Science

Dirty diapers could be recycled into cheap, sturdy concrete

American families need over one trillion diapers every year for the 4 million babies born across the country annually. Diaper use can extend far past the first year of infants’ lives—and they generally don’t finish potty training until somewhere between 1.5 to 3 years old. Extrapolate those needs to the entire world, and it’s easy to see how disposable diapers are the third-most prevalent consumer product found in landfills. Because most diapers contain plastics such as polyester, polyethylene, and polypropylene, they are expected to linger in those same landfills for about 500 years before breaking down.

But what if disposable diapers’ lifespans expanded far beyond their one-and-done use? Environmental engineers recently pondered that very question, and have reportedly found a surprising solution: diaper domiciles.

As detailed in a paper published on Thursday with Scientific Reports, a trio of researchers at Japan’s University of Kitakyushu combined six different amounts of washed, dried, and shredded diaper waste with gravel, sand, cement, and water, then cured their samples for 28 days. Afterwards, they tested their composite materials’ resiliencies, and recorded some extremely promising results.

For a three-story, 36-square-meter floor plan, the team found that the cured diaper waste could replace as much as 10 percent of sand within a structure’s traditional concrete support beams and columns. In a single-story home, that percentage nearly tripled. Meanwhile, diapers could swap out 40 percent of the sand needed in partition wall mortar, alongside 9 percent of the sand in flooring and garden paving. All told, disposable diaper waste could replace as much as 8 percent of all sand in a single-story, 36-square-meter floor plan.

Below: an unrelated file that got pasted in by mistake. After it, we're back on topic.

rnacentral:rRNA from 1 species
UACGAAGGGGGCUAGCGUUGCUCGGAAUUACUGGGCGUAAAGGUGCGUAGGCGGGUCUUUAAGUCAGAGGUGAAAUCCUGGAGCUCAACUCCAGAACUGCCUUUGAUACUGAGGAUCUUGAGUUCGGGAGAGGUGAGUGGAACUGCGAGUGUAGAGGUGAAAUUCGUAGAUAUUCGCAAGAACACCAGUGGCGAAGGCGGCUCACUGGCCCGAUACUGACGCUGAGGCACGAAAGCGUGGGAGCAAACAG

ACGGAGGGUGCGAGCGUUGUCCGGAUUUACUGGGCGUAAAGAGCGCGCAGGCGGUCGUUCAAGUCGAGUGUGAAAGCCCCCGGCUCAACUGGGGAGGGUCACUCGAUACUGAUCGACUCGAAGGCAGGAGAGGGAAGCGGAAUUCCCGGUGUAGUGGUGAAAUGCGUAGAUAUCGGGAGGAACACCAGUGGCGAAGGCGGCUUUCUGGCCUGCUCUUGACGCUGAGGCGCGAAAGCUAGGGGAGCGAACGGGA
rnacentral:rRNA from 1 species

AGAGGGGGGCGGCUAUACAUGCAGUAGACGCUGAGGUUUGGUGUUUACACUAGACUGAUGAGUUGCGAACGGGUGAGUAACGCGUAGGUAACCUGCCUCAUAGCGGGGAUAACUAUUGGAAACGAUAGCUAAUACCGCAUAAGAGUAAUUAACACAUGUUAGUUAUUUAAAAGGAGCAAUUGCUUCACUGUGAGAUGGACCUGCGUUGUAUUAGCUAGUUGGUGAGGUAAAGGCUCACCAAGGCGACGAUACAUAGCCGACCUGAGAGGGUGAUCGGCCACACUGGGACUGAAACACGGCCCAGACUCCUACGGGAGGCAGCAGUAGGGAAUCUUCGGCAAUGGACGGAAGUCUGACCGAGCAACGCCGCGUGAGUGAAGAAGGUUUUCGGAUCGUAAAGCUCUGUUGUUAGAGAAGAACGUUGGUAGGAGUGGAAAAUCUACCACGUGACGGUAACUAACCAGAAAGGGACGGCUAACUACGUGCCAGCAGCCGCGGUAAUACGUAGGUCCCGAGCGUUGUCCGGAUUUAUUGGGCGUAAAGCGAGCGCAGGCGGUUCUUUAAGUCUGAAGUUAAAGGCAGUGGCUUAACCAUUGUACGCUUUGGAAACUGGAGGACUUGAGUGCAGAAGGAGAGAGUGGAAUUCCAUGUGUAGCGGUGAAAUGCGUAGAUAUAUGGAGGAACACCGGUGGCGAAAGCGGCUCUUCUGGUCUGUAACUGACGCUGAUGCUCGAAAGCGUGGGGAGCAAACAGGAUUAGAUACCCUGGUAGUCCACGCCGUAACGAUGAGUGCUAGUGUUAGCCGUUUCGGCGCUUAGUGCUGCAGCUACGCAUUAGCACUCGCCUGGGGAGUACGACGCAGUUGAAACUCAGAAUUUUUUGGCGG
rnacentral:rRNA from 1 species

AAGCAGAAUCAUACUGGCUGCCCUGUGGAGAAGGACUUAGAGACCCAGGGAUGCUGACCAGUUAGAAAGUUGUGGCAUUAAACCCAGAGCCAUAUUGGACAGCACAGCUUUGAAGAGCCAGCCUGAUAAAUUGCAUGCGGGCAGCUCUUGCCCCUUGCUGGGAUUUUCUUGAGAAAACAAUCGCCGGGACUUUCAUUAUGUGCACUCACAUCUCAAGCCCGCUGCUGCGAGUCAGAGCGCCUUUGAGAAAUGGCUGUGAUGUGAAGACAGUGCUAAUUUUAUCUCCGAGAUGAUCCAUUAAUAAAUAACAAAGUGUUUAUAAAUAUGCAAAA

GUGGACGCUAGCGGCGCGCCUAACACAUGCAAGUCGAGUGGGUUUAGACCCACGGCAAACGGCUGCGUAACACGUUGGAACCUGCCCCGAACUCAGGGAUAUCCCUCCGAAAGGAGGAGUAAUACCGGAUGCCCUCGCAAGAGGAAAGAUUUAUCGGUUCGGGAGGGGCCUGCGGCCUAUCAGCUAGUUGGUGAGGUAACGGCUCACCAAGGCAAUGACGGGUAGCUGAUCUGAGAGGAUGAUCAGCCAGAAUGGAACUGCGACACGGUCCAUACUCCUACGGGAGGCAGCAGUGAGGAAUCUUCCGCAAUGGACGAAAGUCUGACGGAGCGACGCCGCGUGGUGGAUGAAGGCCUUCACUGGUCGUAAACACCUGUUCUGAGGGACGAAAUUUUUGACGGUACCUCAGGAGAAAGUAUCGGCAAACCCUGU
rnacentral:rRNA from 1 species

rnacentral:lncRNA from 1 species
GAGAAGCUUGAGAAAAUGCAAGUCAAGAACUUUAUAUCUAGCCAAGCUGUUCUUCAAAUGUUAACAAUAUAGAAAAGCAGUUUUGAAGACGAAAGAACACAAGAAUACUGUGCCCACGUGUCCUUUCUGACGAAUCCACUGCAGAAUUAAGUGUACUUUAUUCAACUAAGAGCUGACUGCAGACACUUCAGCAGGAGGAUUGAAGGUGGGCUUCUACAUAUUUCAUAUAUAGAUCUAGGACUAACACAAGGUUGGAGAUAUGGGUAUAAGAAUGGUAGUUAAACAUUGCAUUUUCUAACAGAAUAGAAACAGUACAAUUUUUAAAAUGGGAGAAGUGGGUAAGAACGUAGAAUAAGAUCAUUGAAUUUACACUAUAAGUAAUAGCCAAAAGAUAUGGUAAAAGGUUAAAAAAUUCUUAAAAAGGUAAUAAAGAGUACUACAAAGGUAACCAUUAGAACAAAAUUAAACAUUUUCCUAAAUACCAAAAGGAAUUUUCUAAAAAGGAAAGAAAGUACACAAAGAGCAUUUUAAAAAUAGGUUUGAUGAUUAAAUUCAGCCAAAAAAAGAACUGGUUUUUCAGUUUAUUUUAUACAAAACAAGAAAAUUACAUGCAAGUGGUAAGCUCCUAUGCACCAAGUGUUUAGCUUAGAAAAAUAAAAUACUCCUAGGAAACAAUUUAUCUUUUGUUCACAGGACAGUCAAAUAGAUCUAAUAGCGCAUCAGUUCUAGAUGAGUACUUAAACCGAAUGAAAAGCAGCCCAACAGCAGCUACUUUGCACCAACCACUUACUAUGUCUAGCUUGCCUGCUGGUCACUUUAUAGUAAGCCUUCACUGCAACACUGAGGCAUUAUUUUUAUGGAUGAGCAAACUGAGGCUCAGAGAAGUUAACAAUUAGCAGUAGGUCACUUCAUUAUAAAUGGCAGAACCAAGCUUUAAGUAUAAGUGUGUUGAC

The team’s results are extremely promising for low- and middle-income nations facing intense housing crises. For the purposes of their study, researchers adhered to Indonesian building codes to mirror a real world application. “Like other developing countries, low-cost housing provision in Indonesia has been a serious concern in the last three decades,” writes the team in their article. Indonesia’s urban population is growing at around 4 percent per year, resulting in an annual housing deficit of as much as 300,000 homes per year, the authors also noted.

Moving forward, researchers note that collaboration would be needed with government and waste facility officials to develop a means for large-scale collection, sanitization, and shredding of diaper waste. At the same time, nations’ building regulations must be amended to allow for diaper-imbued concrete. Still, the findings are a creative potential solution to the literal and figurative mountain of a sustainability issue—one that may soon finally be toppled. Just make sure it’s all sanitized first.

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